Health safety Air disinfection system to reduce viral contamination in vehicles
Due to the corona pandemic, many public transport passengers feel exposed to a higher health risk. A new air disinfection system from Edag aims to actively reduce existing microorganisms in offices, retirement homes, hospitals and public or private transport.
EDAG, an independent engineering company in the automotive industry, has been commissioned by CleanTec-Lighting GmbH (Leisnig) to produce an innovative air disinfection system. The patented system improves the air quality by means of integrated technology for continuous air purification, which is based on UV-C and eliminates all kinds of microorganisms and viruses. Through this cooperation, the two companies have achieved a milestone in health safety in vehicles and buildings. Particularly in the current corona pandemic, the CTL system can make a valuable contribution to reducing airborne bacteria and viruses. The aim is to actively reduce existing microorganisms in offices, retirement homes, hospitals, trains, buses, planes, ships and cars.
Under the agreement concluded on 2nd June, 2020, the EDAG Group will be supporting the new cooperation as a partner for integrated developments and large-scale projects. Far from relying on just masks, the future of mobility needs the support of proactive disinfection systems. "Our competence and experience in low-volume production coupled with our unique development know-how in engineering and production solutions make us the ideal project partner for CTL," explains Cosimo De Carlo, CEO of the EDAG Group.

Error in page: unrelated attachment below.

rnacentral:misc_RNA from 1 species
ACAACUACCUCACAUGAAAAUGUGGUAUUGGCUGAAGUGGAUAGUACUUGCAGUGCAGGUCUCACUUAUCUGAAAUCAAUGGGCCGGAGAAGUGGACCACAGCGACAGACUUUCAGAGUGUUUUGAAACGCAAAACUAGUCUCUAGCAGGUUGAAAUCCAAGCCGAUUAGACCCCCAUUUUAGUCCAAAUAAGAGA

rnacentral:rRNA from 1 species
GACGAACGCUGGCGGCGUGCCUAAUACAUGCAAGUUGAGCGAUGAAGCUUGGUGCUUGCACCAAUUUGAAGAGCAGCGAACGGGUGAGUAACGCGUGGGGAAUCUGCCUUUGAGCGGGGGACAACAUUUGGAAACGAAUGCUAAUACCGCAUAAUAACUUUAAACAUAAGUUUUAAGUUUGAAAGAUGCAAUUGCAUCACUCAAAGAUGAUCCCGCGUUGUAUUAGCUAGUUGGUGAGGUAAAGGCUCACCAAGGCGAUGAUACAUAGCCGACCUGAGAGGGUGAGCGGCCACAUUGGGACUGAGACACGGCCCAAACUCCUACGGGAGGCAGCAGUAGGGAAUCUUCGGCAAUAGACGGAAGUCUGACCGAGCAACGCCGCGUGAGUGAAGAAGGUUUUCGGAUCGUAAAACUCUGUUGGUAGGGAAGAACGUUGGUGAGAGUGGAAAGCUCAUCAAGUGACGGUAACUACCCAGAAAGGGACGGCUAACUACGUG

In the initial stage, the focus will be on the production of the CleanTec system and units for retrofitting trains and automobiles. "One of our main objectives is to make local public transport in Europe safer by applying preventive measures to actively reduce levels of dangerous microorganisms," explains Michael Passi, CEO of CTL. In the future, mobile and stationary areas should be protected against the spread of microorganisms by UV-C technology, and generate a positive added value for all passengers. "Anyone boarding a train or bus needs to be able to do so with a better feeling than they have now. Our solution aims at the active reduction of microorganisms – not using filters to collect them," adds Michael Passi.
As a further scenario, the aim should be to adapt and integrate this system in automobiles, not only to improve air quality, but also to significantly reduce the bacteria/virus levels inside the vehicle. "In the future, this is expected to develop into a standard – especially for taxis, rental cars and shared mobility – in order to ensure the customer maximum safety," comments Frank Schmidt, EDAG key account manager. In this position, he and his team at the Ingolstadt site will be coordinating both the technical development for the integration of the system in vehicles and the sales activities in the vehicle manufacturing sector.